Other notable Ultimate Lancastrians

            Marie Antoinette: Her mother was the last Hapsburg and her father was descended from Elizabeth Stuart (the grandmother of George I, the first Hanoverian king).

HRE stands for Holy Roman Emperor

            Jon Snow (Kit Harrington): Kit is supposedly descended from one of Charles II’s many many bastards.  I haven’t been able to find the full line between the two, but it’s neat to think that Jon Snow (The son of Rhaegar and Lyanna, The Heir to the Iron Throne, The King in the North, The Fucker of Aunts, Half of #EpicBoatSex, The Risen, The 998 Commander of the Night’s Watch, The Prince Who Was Promised, Azor Ahai Reborn, and a Right Proper Lad) is an Ultimate Lancastrian.

Queen Elizabeth II: As a descendent of Victoria, naturally, the current British queen is an Ultimate Lancastrian.

The Romanovs: or at least the murdered children of Emperor Nicholas II.  He married Alexandra Feodorovna (Alix of Hesse) who was a granddaughter of Victoria.

Margarethe II of Denmark: Nearly all of Europe’s royalty is an Ultimate Lancastrian because they’re all descended from Victoria.  The queen of Denmark is no exception.

King Felipe VI of Spain: A great great grandson of Victoria, the Ultimate Lancastrian bloodline came to Spain when Victoria’s granddaughter Victoria Eugenie married Spanish King Alfonso XIII.  Sadly Victoria Eugenie carried the hemophilia gene which led to the death of her eldest and youngest sons. 

Kaiser Wilhelm II: The last German Emperor and King of Prussia, Wilhelm was the eldest grandchild of Victoria, and therefore an Ultimate Lancastrian.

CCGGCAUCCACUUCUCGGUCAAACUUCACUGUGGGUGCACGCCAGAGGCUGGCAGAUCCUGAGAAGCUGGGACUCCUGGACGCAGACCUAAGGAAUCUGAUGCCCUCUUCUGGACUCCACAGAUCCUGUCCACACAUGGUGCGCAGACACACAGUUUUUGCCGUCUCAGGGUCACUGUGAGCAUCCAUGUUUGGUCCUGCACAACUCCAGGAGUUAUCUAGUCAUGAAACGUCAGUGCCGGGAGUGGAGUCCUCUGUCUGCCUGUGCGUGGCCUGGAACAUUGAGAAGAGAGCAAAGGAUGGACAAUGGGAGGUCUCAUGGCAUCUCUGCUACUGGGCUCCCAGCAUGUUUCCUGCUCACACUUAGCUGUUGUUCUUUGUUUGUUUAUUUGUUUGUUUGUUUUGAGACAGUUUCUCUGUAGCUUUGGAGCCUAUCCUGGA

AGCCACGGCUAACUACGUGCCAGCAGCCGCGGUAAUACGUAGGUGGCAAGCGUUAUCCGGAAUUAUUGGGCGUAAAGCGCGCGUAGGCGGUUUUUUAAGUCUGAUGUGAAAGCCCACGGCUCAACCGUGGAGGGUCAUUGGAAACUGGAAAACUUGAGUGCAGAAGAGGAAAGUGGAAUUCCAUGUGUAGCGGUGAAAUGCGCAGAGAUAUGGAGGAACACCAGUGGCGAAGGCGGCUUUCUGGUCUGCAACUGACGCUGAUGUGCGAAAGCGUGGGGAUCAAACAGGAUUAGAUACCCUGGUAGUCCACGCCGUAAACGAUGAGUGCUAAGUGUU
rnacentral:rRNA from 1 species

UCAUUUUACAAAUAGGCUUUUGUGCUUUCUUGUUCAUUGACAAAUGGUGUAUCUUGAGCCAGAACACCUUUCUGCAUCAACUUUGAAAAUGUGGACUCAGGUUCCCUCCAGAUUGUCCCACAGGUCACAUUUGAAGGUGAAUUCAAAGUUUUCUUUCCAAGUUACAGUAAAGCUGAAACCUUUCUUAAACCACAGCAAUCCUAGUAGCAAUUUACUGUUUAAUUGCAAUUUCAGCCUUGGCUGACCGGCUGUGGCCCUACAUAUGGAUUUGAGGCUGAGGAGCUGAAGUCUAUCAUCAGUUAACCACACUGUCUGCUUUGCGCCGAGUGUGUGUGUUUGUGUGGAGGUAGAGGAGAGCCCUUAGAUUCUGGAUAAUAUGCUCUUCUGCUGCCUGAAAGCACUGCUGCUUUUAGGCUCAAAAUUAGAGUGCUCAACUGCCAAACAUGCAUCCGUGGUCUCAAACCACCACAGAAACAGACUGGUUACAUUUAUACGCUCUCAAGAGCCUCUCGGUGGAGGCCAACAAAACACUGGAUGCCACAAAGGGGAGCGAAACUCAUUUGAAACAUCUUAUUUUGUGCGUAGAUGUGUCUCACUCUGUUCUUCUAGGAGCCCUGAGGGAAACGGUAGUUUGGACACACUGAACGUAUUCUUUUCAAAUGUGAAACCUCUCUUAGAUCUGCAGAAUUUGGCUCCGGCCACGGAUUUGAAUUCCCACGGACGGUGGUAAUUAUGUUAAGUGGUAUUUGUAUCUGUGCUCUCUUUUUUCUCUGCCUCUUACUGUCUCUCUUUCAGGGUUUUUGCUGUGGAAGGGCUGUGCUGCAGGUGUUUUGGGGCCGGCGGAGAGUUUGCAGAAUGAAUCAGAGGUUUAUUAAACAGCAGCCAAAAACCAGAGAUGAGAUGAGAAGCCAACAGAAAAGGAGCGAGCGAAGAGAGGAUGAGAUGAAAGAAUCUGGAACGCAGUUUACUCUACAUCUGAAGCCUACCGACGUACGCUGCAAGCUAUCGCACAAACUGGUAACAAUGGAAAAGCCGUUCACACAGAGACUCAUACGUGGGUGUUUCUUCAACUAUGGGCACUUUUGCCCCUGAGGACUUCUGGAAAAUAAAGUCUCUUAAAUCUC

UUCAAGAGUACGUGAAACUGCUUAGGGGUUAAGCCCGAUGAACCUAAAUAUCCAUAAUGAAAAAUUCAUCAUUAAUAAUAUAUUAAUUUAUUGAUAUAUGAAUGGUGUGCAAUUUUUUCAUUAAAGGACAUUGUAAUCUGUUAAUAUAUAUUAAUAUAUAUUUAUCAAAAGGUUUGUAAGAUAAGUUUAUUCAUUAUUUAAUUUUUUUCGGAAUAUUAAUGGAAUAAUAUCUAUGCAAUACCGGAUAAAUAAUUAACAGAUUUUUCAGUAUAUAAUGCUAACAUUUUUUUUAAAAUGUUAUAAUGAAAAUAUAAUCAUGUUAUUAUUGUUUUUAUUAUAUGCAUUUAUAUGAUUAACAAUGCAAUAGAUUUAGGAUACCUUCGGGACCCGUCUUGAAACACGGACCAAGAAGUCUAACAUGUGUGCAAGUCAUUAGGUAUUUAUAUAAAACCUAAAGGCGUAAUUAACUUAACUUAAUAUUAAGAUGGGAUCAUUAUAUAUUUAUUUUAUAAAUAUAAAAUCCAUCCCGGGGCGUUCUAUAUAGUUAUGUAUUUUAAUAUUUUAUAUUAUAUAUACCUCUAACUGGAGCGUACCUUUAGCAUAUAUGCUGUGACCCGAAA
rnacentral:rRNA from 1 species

Harald V of Norway: Again, descended from Victoria, the current king of Norway is an Ultimate Lancastrian and is actually about 70th in line for the British throne.

A note on Mary I.

            Mary was given the nickname of “Bloody Mary” because she forcibly tried to convert England back to Catholicism by burning Protestant heretics.  Records indicate that she burned a little fewer than 300 people, including women and children.  Obviously not a very nice thing to do, but history tends to ignore the fact that Elizabeth, the so called “Virgin Queen,” or “Good Queen Bess,” or “Cate Blanchett is an amazing actress,” killed roughly the same number of Catholics.  And that doesn’t even come close to the number of people their father, psychotic Henry VIII, killed.  The Tudors were incredibly bloody; their reign started in blood and would have ended in blood had some people had their way.  The truth is that Mary was harassed and abused as a child by her own father, yet was beloved by her people.  The English people adored her all throughout her father’s reign, and when her brother tried to disinherit her near his death, the country rallied around Mary to crown her queen.   Her mother was an amazing woman who was similarly abused by her psychotic husband, and had Mary been given a normal childhood without the terror of an abusive stepmother (Anne Boleyn), constant threats of violence (Francis Bryan, her own father, etc.), and the destruction of nearly everything she knew and loved (her parents’ marriage, her governess Margaret Pole, the Catholic institution in England), chances are she could have been an amazing queen.  Instead, she was given a pile of shit and turned to violence when she became queen.  The only reason people call her “Bloody” and revere Elizabeth is because Elizabethan historians wrote the history books.  Had Mary succeeded in turning England back to Catholicism and left children to rule after her, it’s probable that the history books would have been a lot nicer to her.

Questions? Comments? Let me know below! I can also be reached on Twitter @Rhydnara.